In my case I ended up living in the “CEO apartment” (not our choice of words) with five other BSDs (Big Swinging Dicks). Kidding. It was six guys with myself included, guys that will forever hold an incredible memory in Wiredelta’s and my own story. Never have I experienced such an amount of “casual learning” about my own (flawed) assumptions, perspective on how things work (or ought to work), and personality. With roommates that hold backgrounds ranging from classical music, to rhetoric, to ecommerce within hunting gear, to self-driving cars, to social entrepreneurship, to schooling, to cooking, to hairdressing, I should probably have seen that coming! There have been moments of frustration, moments of pure bromance, moments of crying and moments of a weird harmony only entrepreneurs find where the world is pretty fucked up, but it’s all going to be fine cause we will fix it, one problem at a time. Without those problems we wouldn’t exist, and that’s why we as entrepreneurs live in harmony with a fucked up world.
I guess what I am trying to say is anyone that wants to get to the next level for themselves and for their business, apply to Nest.
My journey after Nest
Like so many others, I decided to move out of Nest partially because of love, partially because of work. Wiredelta is scaling and entering our third iteration. To become a “technical hub”, building an institute and an agency on top can get you that far, but it will take a long ass time to obtain global reach. We knew that from the beginning, and to go truly global we would need to build a platform.
Our platform aims at making a “developer assistant” (AI) that can take up simple development tasks for new users, and then pass on more complex development tasks to one of our human developers. Look at it like the self-driving car but for web and mobile development. I mean, we spent four years teaching humans how to code and build digital projects, kind of makes sense to teach a machine to do the same. Our first step is to build an assistant that assembles themes, components, plugins and modules from open-source frameworks like WordPress based on the user’s requests. As the AI grows stronger, the assistant will be able to perform more and more complex tasks, eventually making it super easy for anyone to build a website or app using an open source framework.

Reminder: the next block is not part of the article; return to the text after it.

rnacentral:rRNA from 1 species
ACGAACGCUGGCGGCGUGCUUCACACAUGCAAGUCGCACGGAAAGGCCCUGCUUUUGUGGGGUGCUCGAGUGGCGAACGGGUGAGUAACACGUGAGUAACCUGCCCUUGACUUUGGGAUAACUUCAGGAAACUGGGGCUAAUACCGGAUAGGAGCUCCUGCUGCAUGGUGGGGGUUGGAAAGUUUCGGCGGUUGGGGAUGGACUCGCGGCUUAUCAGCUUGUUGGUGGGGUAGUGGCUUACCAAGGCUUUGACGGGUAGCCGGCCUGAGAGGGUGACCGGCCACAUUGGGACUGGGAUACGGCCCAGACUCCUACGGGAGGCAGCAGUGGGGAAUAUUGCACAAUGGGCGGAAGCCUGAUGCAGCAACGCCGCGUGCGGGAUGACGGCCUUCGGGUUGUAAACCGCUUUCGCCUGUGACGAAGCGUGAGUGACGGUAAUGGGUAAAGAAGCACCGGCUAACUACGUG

As we improve the technology and prove this is something people actually want, we will double down on the machine learning technology that powers the assistant, and when we do the playfield has an American flag on it. Like so many others that started scaling in tech, to knock this out of the park the battleground is in the US, and we already started warming up. This is why it was time for me to move out of Nest.
I can say with 100% certainty that I wouldn’t be where I am without my experience in Nest. Nest plays a very important part with myself and Wiredelta constantly aiming higher. I hope any entrepreneur reading this will give him- or herself the same kind of opportunity and apply, so Nest continues to be a place filled with awesome entrepreneurs.
Worth mentioning is also that the number for members in Nest Alumni is now larger than in Nest Residents. Nest is less than 3 years old, and if the organisation continues to grow like this it will go from not “just” the largest co-living space for entrepreneurs, but the largest network of entrepreneurs in the world. Hallelujah and Amen!